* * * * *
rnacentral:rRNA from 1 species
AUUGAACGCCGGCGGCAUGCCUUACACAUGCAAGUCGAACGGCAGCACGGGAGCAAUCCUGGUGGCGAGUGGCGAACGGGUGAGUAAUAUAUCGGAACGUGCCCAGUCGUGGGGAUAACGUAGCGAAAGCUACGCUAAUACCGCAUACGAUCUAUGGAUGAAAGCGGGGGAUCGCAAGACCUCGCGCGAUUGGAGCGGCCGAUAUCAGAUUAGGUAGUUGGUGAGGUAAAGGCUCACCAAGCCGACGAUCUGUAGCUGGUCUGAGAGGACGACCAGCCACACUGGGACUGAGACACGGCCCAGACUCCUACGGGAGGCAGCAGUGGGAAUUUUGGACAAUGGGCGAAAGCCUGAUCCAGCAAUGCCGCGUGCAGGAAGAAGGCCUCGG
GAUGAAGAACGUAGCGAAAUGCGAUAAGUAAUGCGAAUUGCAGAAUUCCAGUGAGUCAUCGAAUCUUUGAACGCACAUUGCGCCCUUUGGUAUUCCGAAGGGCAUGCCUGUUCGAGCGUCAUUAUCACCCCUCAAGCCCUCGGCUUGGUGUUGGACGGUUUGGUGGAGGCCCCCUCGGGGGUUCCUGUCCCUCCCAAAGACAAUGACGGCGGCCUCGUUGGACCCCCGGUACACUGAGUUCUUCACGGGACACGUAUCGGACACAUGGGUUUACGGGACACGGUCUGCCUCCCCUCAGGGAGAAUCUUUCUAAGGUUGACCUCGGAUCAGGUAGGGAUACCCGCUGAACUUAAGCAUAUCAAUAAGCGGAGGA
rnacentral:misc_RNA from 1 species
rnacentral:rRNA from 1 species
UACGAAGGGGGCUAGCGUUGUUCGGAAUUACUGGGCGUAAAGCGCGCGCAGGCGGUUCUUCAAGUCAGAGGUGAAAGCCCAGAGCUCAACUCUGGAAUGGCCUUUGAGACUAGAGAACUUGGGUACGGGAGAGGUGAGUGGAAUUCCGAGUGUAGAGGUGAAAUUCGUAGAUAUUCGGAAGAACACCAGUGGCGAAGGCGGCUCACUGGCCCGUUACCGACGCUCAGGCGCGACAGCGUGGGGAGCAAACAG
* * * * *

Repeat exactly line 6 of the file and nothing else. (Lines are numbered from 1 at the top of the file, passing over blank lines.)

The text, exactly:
UACGAAGGGGGCUAGCGUUGUUCGGAAUUACUGGGCGUAAAGCGCGCGCAGGCGGUUCUUCAAGUCAGAGGUGAAAGCCCAGAGCUCAACUCUGGAAUGGCCUUUGAGACUAGAGAACUUGGGUACGGGAGAGGUGAGUGGAAUUCCGAGUGUAGAGGUGAAAUUCGUAGAUAUUCGGAAGAACACCAGUGGCGAAGGCGGCUCACUGGCCCGUUACCGACGCUCAGGCGCGACAGCGUGGGGAGCAAACAG